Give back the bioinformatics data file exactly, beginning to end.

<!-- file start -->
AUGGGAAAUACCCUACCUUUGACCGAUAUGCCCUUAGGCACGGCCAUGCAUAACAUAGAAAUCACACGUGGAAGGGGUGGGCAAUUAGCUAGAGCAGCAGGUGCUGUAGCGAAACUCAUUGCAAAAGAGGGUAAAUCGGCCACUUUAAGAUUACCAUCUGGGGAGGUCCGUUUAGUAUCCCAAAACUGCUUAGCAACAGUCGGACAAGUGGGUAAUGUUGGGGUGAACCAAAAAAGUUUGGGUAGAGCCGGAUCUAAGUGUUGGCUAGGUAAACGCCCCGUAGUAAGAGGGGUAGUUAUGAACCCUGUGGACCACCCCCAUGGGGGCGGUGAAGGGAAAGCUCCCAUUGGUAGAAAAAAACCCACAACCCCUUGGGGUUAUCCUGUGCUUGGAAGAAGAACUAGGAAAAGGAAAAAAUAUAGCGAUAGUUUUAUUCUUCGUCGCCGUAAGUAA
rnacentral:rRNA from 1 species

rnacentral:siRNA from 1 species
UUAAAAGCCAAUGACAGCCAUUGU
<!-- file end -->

AUGGGAAAUACCCUACCUUUGACCGAUAUGCCCUUAGGCACGGCCAUGCAUAACAUAGAAAUCACACGUGGAAGGGGUGGGCAAUUAGCUAGAGCAGCAGGUGCUGUAGCGAAACUCAUUGCAAAAGAGGGUAAAUCGGCCACUUUAAGAUUACCAUCUGGGGAGGUCCGUUUAGUAUCCCAAAACUGCUUAGCAACAGUCGGACAAGUGGGUAAUGUUGGGGUGAACCAAAAAAGUUUGGGUAGAGCCGGAUCUAAGUGUUGGCUAGGUAAACGCCCCGUAGUAAGAGGGGUAGUUAUGAACCCUGUGGACCACCCCCAUGGGGGCGGUGAAGGGAAAGCUCCCAUUGGUAGAAAAAAACCCACAACCCCUUGGGGUUAUCCUGUGCUUGGAAGAAGAACUAGGAAAAGGAAAAAAUAUAGCGAUAGUUUUAUUCUUCGUCGCCGUAAGUAA
rnacentral:rRNA from 1 species

rnacentral:siRNA from 1 species
UUAAAAGCCAAUGACAGCCAUUGU